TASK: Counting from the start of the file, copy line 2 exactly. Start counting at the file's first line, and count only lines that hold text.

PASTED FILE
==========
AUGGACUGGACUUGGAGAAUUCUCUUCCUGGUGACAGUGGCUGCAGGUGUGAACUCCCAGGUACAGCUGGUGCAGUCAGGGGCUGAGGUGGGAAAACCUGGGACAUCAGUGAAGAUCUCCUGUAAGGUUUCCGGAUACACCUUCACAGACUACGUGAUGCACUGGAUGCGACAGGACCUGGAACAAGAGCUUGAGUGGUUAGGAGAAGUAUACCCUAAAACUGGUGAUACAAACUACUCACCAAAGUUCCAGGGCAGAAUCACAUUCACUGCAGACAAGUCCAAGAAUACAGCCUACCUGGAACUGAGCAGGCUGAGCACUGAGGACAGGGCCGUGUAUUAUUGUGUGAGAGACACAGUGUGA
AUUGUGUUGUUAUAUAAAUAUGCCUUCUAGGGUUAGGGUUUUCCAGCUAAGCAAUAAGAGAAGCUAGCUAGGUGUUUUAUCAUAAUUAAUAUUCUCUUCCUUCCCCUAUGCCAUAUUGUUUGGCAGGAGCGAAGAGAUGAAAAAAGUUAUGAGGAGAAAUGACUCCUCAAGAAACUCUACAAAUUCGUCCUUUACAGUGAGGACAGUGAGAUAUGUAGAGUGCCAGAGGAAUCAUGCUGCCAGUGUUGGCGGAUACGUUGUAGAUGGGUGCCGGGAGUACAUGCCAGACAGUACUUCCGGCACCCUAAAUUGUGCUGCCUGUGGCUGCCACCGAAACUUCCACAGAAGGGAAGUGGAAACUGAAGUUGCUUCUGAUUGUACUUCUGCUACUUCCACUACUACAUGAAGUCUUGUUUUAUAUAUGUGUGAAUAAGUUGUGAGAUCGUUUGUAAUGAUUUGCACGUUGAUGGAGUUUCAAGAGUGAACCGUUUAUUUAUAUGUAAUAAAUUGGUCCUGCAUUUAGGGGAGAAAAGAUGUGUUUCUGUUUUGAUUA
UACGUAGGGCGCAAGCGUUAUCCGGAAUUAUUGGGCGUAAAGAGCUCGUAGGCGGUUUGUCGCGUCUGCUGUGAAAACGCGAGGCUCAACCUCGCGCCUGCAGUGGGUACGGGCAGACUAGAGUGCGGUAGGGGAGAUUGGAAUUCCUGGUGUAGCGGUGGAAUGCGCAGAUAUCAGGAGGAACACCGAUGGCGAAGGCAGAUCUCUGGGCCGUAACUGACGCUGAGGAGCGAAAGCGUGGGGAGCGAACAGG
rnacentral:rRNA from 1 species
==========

AUUGUGUUGUUAUAUAAAUAUGCCUUCUAGGGUUAGGGUUUUCCAGCUAAGCAAUAAGAGAAGCUAGCUAGGUGUUUUAUCAUAAUUAAUAUUCUCUUCCUUCCCCUAUGCCAUAUUGUUUGGCAGGAGCGAAGAGAUGAAAAAAGUUAUGAGGAGAAAUGACUCCUCAAGAAACUCUACAAAUUCGUCCUUUACAGUGAGGACAGUGAGAUAUGUAGAGUGCCAGAGGAAUCAUGCUGCCAGUGUUGGCGGAUACGUUGUAGAUGGGUGCCGGGAGUACAUGCCAGACAGUACUUCCGGCACCCUAAAUUGUGCUGCCUGUGGCUGCCACCGAAACUUCCACAGAAGGGAAGUGGAAACUGAAGUUGCUUCUGAUUGUACUUCUGCUACUUCCACUACUACAUGAAGUCUUGUUUUAUAUAUGUGUGAAUAAGUUGUGAGAUCGUUUGUAAUGAUUUGCACGUUGAUGGAGUUUCAAGAGUGAACCGUUUAUUUAUAUGUAAUAAAUUGGUCCUGCAUUUAGGGGAGAAAAGAUGUGUUUCUGUUUUGAUUA